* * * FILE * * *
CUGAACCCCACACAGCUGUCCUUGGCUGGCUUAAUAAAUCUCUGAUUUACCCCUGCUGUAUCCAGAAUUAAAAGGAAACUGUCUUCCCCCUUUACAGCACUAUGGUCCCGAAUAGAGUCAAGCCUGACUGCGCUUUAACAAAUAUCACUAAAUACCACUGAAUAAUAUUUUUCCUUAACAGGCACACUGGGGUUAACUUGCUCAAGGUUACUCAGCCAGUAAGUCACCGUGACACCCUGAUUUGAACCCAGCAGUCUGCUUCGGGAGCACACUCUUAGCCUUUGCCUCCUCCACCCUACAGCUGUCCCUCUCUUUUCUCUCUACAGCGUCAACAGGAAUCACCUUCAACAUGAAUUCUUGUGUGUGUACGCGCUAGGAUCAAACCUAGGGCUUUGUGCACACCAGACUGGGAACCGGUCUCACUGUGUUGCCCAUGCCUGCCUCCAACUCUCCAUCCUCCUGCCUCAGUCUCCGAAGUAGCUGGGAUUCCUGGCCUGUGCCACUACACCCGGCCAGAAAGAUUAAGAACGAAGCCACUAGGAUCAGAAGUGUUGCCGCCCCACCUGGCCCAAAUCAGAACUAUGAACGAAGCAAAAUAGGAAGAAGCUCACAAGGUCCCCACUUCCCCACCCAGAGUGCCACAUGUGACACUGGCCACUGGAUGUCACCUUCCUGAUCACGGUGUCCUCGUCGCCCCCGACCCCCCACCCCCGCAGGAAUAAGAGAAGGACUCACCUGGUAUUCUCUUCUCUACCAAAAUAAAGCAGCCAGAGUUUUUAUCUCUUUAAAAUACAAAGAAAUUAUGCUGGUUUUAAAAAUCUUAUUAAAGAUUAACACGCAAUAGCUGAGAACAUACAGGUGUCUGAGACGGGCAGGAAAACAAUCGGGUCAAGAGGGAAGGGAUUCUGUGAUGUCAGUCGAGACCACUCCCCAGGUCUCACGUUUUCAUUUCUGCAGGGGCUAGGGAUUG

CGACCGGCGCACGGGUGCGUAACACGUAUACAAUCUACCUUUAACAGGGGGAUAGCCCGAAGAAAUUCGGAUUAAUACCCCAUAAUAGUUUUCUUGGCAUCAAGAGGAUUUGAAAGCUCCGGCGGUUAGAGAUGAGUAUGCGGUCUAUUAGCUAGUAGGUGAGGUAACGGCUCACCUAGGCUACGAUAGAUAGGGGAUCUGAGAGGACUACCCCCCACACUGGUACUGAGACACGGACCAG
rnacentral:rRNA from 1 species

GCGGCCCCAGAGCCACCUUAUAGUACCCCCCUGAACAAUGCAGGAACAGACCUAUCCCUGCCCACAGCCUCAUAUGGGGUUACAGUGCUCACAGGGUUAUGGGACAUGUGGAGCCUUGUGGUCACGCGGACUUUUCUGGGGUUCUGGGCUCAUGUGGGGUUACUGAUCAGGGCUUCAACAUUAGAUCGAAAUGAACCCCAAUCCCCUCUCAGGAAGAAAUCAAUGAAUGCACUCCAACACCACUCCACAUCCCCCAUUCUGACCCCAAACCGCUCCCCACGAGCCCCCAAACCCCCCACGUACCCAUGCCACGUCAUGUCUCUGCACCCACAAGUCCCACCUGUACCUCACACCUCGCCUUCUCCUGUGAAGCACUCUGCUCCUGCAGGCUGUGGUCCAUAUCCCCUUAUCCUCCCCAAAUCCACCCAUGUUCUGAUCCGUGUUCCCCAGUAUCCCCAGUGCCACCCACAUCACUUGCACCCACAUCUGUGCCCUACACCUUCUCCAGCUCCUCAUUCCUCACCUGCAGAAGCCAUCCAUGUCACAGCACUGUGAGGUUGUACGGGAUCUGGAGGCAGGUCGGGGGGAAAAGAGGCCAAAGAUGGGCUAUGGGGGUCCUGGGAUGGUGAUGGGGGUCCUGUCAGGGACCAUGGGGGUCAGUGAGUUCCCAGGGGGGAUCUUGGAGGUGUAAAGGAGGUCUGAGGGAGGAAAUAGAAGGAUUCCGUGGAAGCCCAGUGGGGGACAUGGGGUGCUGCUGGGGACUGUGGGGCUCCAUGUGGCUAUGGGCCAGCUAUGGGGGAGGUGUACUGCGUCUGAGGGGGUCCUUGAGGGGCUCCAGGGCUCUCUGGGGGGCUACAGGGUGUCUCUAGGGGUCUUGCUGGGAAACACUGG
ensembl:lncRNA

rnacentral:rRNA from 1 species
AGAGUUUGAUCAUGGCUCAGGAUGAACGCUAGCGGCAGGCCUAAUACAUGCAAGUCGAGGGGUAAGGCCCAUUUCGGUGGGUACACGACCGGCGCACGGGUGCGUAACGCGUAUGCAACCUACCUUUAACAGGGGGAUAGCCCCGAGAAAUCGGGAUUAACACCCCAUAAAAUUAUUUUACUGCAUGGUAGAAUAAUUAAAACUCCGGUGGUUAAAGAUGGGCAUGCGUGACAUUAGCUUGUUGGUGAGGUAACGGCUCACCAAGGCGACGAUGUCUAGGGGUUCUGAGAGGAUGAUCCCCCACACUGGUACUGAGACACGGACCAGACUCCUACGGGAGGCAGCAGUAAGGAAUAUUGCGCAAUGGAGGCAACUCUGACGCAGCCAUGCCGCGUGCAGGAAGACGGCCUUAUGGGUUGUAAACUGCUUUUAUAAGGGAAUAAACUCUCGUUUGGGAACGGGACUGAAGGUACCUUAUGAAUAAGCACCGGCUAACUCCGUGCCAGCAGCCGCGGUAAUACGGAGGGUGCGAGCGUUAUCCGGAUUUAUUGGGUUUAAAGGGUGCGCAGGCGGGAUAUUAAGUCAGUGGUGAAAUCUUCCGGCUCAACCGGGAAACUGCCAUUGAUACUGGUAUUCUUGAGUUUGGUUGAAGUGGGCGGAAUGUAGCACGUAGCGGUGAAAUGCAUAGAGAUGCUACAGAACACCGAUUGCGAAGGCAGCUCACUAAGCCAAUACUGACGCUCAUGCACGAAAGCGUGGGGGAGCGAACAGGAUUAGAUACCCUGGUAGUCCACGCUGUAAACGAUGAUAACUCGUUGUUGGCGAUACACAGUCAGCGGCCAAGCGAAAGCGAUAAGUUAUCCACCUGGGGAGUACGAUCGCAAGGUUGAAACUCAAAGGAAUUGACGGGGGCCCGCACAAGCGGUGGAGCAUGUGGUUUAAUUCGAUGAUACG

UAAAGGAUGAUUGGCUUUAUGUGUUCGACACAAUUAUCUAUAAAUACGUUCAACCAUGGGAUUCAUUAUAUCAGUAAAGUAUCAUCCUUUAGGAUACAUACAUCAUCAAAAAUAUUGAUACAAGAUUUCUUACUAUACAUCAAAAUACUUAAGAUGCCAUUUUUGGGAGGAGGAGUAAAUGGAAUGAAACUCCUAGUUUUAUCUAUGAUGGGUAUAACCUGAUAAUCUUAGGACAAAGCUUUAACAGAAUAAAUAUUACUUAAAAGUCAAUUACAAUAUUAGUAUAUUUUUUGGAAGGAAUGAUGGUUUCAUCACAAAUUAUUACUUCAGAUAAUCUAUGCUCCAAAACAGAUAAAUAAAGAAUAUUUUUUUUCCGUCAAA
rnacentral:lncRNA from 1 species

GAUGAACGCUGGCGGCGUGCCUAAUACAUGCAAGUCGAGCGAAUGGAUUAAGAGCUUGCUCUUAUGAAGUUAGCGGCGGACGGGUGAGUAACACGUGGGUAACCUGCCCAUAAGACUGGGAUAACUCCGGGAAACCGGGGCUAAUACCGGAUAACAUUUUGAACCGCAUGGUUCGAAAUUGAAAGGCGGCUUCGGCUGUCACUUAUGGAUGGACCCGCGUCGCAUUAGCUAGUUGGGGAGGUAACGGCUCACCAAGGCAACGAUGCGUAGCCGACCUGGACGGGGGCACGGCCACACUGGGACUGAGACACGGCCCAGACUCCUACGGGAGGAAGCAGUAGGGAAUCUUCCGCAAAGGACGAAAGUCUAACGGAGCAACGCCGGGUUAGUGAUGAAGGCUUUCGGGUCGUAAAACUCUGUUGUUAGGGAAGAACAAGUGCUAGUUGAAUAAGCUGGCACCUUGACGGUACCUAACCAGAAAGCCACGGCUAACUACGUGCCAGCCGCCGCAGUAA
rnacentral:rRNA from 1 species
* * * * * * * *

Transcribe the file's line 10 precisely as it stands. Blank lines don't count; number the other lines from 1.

GAUGAACGCUGGCGGCGUGCCUAAUACAUGCAAGUCGAGCGAAUGGAUUAAGAGCUUGCUCUUAUGAAGUUAGCGGCGGACGGGUGAGUAACACGUGGGUAACCUGCCCAUAAGACUGGGAUAACUCCGGGAAACCGGGGCUAAUACCGGAUAACAUUUUGAACCGCAUGGUUCGAAAUUGAAAGGCGGCUUCGGCUGUCACUUAUGGAUGGACCCGCGUCGCAUUAGCUAGUUGGGGAGGUAACGGCUCACCAAGGCAACGAUGCGUAGCCGACCUGGACGGGGGCACGGCCACACUGGGACUGAGACACGGCCCAGACUCCUACGGGAGGAAGCAGUAGGGAAUCUUCCGCAAAGGACGAAAGUCUAACGGAGCAACGCCGGGUUAGUGAUGAAGGCUUUCGGGUCGUAAAACUCUGUUGUUAGGGAAGAACAAGUGCUAGUUGAAUAAGCUGGCACCUUGACGGUACCUAACCAGAAAGCCACGGCUAACUACGUGCCAGCCGCCGCAGUAA